Seventy Years of Abarth Performance and Passion
2019 marks an important milestone for the Italian Abarth brand as it turns 70. Abarth & C was founded by Carlo Abarth and racing driver Guido Scagliarini on 31 March 1949 in Bologna, Northern Italy and Carlo’s astrological sign, Scorpio, was chosen as the new company logo.
"Telling the key stages of Abarth is an opportunity to rediscover the record-breaking cars, the revolutionary tuning kits and legendary races that marked the technological progress and motorsport accomplishments of the brand", explained Luca Napolitano, Head of EMEA Fiat and Abarth brands. “All this belongs to the past and to the present of Abarth, together with the commitment and pride of the people who over time have worked in the factories and offices and on the race tracks, with a little extra something.
“Besides sporting satisfaction, for the engineers and technicians of the brand with the Scorpion badge races are the tough proving grounds where the most innovative technological solutions can be tested in the most adverse conditions before carrying them across to the street-legal Abarth models. In this way, we can achieve the very best in terms of performance, safety and reliability and offer it to our customers".
To acknowledge this milestone, all Abarth 595’s produced from April 2019 will be identified by a “70th Anniversary” special badge.
Carlo Abarth's career started with motorcycles, at the age of twenty, he racked up his first wins as a rider on a Motor Thun, the following year he built his first customised motorbike under the Abarth brand. Unfortunately, during a competition at Linz, an accident forced him to abandon motorbikes. He continued competing with sidecars, a vehicle that he made famous in exploits endeavours such as the race against the Orient Express – that he won, of course. A second accident in 1939 forced him to abandon racing completely which marked a new beginning. In 1949, the first vehicle produced was the 204 A Roadster, based on the Fiat 1100, which won the 1100 Sport Italian championship and the Formula 2 racing title.
Carlo decided he needed to supplement his racing activities with the production of his now famous tuning kits for mass-production cars to increase power, speed and acceleration. Exhaust parts were built and supplied to a number of manufacturers including Porsche, Mercedes-Benz, Alfa Romeo, Lancia, BMW, Ford, Volvo and Jaguar.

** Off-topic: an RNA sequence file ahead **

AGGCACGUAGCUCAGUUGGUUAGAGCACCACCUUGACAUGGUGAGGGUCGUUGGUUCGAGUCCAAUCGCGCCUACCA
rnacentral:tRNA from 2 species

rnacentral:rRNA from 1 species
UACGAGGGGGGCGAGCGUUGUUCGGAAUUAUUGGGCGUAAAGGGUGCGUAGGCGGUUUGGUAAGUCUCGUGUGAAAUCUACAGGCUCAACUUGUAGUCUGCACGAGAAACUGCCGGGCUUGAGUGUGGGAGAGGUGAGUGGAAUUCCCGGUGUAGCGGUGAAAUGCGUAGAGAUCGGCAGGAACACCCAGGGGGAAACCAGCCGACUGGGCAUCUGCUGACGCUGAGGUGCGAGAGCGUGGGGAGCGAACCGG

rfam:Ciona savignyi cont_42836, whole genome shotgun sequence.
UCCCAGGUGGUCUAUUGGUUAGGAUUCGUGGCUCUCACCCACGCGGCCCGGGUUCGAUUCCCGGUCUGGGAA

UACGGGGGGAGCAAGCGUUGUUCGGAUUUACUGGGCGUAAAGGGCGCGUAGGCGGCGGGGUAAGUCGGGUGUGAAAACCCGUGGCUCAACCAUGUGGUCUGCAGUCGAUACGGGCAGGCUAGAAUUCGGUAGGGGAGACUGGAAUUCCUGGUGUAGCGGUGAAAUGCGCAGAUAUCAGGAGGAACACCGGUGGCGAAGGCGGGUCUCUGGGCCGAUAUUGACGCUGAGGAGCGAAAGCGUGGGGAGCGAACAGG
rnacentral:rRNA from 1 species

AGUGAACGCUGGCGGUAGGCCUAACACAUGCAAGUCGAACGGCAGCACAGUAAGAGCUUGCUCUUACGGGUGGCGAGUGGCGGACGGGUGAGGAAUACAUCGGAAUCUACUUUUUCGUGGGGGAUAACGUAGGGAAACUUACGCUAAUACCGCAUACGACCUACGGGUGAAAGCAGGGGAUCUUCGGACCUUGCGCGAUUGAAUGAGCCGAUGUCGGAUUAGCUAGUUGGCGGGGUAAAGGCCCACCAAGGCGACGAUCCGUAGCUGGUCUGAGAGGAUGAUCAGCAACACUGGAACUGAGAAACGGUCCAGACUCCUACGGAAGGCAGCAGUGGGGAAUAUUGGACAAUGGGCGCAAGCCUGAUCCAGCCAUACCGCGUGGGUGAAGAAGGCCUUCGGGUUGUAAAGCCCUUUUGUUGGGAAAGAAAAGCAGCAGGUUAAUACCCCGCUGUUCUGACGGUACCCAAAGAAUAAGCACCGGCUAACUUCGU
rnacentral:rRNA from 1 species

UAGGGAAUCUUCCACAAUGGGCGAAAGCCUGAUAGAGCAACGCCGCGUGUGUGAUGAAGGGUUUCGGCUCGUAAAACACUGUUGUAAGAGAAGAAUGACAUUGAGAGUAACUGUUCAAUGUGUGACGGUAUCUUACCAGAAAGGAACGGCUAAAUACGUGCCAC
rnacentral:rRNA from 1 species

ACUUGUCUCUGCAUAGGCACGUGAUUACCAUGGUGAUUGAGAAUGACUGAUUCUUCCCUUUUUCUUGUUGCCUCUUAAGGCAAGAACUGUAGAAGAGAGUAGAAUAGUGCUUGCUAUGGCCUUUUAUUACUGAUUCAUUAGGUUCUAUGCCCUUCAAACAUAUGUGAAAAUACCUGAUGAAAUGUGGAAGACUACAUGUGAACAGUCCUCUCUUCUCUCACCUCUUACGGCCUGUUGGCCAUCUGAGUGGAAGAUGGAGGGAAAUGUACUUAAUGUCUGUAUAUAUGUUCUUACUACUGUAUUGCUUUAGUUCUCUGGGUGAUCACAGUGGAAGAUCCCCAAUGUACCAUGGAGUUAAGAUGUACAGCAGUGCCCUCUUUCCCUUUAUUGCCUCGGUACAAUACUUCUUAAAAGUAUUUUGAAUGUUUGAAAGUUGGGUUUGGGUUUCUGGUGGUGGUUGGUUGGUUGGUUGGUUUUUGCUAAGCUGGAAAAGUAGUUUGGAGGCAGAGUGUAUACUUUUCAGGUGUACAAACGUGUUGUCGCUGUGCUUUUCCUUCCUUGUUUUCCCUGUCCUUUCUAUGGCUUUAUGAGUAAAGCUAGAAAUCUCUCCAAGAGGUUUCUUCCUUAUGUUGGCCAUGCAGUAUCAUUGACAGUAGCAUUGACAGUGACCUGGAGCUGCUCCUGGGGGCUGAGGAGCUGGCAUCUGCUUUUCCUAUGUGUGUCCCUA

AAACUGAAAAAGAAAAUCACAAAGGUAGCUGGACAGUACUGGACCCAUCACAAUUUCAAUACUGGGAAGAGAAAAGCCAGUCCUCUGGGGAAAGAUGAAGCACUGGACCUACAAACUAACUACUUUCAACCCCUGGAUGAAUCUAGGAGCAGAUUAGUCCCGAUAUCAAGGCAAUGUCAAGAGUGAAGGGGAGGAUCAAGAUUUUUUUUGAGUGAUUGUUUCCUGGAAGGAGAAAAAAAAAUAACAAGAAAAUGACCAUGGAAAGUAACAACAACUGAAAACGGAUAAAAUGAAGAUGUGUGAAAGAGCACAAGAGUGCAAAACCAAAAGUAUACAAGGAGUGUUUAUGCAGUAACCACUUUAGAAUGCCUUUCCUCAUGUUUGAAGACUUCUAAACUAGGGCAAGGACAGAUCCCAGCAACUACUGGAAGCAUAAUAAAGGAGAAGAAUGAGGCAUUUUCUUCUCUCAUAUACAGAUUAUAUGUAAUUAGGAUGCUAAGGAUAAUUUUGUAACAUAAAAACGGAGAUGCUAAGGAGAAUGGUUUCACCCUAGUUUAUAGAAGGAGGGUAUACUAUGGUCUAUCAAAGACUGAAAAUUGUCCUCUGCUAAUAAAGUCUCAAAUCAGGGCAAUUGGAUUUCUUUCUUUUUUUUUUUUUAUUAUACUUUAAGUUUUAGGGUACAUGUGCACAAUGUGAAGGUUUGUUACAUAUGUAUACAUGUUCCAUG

Noteworthy components of the Abarth kits include the exhausts which, over the years, became a true icon of the “Abarth style”. In just a few years, Abarth & C. reached global levels: in 1962 with a staff of 375, it produced 257,000 exhausts, 65% of which are destined for export markets.
With the Fiat Abarth 750 designed by Bertone in 1956, the brand broke the endurance and speed record: on 18 June, on the Monza racetrack, it broke the 24-hour record covering 3,743km at an average speed of 155km/h. Following this, from 27 to 29 June on the same circuit it racked up a number of records: the 5,000 and 10,000km, the 5,000 miles and also the 48 and 72 hours. The same vehicle was designed by Zagato in two different versions: the Fiat Abarth 750 Zagato (1956) and the Fiat Abarth 750 GT Zagato (1956).
In 1958, Abarth completed a true work of art on the new Fiat 500, completely transforming the small utility car and enhancing its potentials to the maximum. In the same year, the brand intensified its partnership with Fiat. Fiat committed itself to reward Abarth financially based on the number of victories and records that the team managed to achieve. An event that formed the basis of the impressive winning streak: 10 world records, 133 international records, more than 10,000 victories on track.
The 1960’s were the golden decade for Abarth. In Italy “Abarth” becomes the byword for speed, courage, performance and development. The list of cars which displayed the name of Abarth in the history of motor racing is a long one: from the 850 TC, which was victorious on international circuits including the Nürburgring, to the Fiat Abarth “1000 Berlina” and the 2300 S that racked up an extraordinary series of records on the Monza track despite the harsh weather conditions.
In 1971, Fiat Auto became the sole owners of Abarth, and the last vehicle in which the founder actively participated in designing was the A112 Abarth. During the 1980s, the story continued with famous cars, such as the Fiat 131 Abarth, world rally champion, and the Ritmo Abarth.
Sadly, Carlo Abarth died on 24 October, 1979, under the sign of Scorpio, the same as his birth that had inspired the badge sported on his cars. At the time of his death, Carlo had overseen the production of 219 models all of which carried the Scorpion badge.
In the late 1970’s Abarth became Fiat’s racing department which lead to such rally classics as the 124 and 131. The iconic Fiat Abarth 124 rally won the 1972 and 1975 (group 4) World Rally Championship with driver Raffaelle Pinto and co-driver Gino Macaluso. The 124 rally was successful over a number of years until it was replaced by the 131. The Fiat 131 Abarth was a successful group 4 rally car which won the manufacturers world championship three times in 1977, 78 and 80, instantly recognisable to rally fans worldwide in its distinctive shape and livery. The racing department then turned their focus to Lancia which set the rallying world alight with their commanding performance of the sport, winning a total of 11 championships over the years.